“Until a month ago, no one supported the Brotherhood, but today we would support Israel if they helped us take Bashar out,” said Shakir, the activist in Homs. “Today we support anyone without questions if they help us.”

Yet the international community is as divided as the Syrian opposition over how to address the dangerously intractable revolt.

Russia made it clear Wednesday that it would veto any U.N. Security Council resolution that might open the door to international intervention, dampening U.S. and European hopes of revisiting efforts to condemn Syria at the world body after Russian and Chinese vetoes of a resolution in October.

“If some intend to use force at all cost . . . we can hardly prevent that from happening,” Russian Foreign Minister Sergei Lavrov told reporters in Moscow. “But let them do it at their own initiative on their own conscience. They won’t get any authorization from the U.N. Security Council.”

The stakes for Russia are high. Syria is a longtime ally dating to the Cold War era, and Russia relies on its basing rights at the Syrian port of Tartous for access to the Mediterranean. Lavrov declined to confirm or deny widespread reports that a Russian ship delivered 60 tons of weaponry to the Syrian government during a stop at the port last week.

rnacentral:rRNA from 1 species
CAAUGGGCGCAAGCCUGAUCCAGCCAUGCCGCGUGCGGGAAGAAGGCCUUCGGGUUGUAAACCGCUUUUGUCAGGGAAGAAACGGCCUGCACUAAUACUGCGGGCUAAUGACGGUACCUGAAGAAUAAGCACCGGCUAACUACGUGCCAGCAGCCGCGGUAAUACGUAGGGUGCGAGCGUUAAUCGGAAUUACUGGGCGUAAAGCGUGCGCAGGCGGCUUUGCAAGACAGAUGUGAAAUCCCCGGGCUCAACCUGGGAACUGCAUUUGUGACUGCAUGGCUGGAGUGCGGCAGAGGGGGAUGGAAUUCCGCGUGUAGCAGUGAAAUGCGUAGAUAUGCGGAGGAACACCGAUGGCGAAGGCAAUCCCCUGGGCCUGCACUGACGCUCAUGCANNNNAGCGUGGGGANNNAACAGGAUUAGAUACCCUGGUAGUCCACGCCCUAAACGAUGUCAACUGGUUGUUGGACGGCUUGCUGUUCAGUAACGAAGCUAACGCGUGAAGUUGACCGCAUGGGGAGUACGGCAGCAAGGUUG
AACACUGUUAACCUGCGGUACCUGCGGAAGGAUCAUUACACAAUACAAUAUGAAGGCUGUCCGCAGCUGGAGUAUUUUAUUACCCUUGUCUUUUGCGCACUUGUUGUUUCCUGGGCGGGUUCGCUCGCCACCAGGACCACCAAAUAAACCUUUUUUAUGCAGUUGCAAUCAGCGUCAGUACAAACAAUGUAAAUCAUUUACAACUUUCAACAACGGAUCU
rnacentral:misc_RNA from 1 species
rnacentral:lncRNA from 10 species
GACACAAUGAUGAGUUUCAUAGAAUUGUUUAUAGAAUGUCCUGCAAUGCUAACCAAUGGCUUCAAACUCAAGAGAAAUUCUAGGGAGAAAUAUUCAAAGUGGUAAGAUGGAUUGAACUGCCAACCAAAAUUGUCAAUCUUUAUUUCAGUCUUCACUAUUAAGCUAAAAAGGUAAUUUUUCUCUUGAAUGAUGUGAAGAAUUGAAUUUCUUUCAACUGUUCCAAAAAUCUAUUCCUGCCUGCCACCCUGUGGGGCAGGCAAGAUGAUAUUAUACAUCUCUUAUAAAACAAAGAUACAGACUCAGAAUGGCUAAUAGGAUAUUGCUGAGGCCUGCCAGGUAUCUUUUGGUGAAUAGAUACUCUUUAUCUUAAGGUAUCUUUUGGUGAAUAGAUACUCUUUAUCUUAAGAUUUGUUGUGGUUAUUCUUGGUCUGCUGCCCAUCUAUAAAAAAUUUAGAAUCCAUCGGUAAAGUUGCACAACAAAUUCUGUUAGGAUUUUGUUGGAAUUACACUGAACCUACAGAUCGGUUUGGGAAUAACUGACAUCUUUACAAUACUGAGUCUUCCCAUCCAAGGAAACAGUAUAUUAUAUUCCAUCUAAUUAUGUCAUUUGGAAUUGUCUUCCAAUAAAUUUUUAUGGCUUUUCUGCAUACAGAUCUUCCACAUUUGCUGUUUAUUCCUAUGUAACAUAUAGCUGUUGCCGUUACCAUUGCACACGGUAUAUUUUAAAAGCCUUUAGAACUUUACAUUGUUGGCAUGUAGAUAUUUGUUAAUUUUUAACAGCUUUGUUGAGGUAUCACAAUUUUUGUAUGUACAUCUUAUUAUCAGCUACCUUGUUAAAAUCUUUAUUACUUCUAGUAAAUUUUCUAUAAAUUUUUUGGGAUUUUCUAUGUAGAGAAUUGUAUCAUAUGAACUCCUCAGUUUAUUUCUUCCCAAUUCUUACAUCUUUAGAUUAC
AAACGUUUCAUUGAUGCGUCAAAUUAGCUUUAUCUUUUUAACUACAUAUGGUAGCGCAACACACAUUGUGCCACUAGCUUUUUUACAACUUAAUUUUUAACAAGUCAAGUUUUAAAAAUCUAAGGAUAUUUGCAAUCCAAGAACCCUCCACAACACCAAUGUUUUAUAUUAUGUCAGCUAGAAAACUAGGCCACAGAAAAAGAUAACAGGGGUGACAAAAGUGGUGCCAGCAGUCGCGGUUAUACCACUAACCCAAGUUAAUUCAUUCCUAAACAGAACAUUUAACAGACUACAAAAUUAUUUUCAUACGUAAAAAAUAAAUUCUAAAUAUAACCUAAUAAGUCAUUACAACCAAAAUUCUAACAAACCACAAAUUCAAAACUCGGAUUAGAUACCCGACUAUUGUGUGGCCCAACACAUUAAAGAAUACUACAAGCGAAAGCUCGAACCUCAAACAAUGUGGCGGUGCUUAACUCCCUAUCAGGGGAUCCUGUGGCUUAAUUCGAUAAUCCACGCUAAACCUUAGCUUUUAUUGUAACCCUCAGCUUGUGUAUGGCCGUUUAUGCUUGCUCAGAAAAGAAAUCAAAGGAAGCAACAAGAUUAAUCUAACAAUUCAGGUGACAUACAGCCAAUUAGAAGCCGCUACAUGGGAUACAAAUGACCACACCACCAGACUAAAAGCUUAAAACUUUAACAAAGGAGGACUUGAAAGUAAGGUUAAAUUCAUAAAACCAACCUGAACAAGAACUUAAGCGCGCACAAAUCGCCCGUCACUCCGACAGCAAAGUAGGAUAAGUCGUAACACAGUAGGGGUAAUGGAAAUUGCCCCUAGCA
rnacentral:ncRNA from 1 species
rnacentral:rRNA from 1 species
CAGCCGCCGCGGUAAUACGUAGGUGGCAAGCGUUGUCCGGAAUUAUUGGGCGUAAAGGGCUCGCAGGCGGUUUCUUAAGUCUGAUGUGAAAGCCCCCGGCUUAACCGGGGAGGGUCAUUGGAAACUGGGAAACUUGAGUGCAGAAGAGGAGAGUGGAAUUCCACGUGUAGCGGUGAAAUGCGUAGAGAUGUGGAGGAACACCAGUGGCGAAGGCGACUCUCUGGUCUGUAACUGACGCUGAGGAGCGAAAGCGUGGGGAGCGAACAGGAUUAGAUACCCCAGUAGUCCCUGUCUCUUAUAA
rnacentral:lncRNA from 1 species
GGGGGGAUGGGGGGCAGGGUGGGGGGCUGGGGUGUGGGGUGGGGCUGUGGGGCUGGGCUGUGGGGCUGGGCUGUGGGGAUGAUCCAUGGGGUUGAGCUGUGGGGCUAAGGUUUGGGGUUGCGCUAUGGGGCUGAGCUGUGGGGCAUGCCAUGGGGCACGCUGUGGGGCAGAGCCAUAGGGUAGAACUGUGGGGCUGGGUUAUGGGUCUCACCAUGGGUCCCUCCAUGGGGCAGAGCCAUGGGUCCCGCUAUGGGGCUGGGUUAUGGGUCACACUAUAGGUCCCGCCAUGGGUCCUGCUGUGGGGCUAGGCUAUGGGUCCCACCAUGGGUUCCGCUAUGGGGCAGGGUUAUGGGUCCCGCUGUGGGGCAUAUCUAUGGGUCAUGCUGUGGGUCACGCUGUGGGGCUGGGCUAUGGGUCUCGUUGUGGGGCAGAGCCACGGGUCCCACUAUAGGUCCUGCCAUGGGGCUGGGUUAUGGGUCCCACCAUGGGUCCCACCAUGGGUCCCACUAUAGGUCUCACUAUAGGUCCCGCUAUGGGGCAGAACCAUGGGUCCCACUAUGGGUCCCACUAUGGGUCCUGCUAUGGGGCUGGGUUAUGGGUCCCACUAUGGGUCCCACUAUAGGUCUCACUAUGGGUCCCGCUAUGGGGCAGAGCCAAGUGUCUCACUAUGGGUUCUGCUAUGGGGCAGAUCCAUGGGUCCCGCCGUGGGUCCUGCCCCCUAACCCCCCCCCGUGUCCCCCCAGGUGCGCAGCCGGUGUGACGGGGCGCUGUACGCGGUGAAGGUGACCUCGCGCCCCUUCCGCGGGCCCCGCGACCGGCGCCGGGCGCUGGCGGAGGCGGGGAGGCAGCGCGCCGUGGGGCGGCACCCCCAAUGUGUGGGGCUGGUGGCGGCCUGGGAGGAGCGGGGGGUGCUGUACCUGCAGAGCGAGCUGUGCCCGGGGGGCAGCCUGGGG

“We are only trading with Syria in items which aren’t banned by international law,” he said.

The Russian comments shifted the focus of diplomacy back to the Arab League monitoring mission, which is due to announce its conclusions Thursday. Arab League ministers are set to meet in Cairo over the weekend to decide whether to renew the mission or seek U.N. support for broader action.

But the Arab world also is split over how to deal with the unfolding violence in a country whose complex ethnic and sectarian makeup mirrors many of the region’s most explosive fault lines. Iraq and Lebanon, with Shiite majorities, have sided with the Syrian government, as has Shiite Iran. The Sunni-led states of the Arabian Gulf, spearheaded by Qatar, are pressing for tougher action to replace the government, and the emir of Qatar told CBS that he would support the dispatch of Arab troops to Syria to end the violence.

Tellingly, however, the comment was made in an interview two months ago but was not discussed until the network aired it on the weekend. It appears to have garnered little support.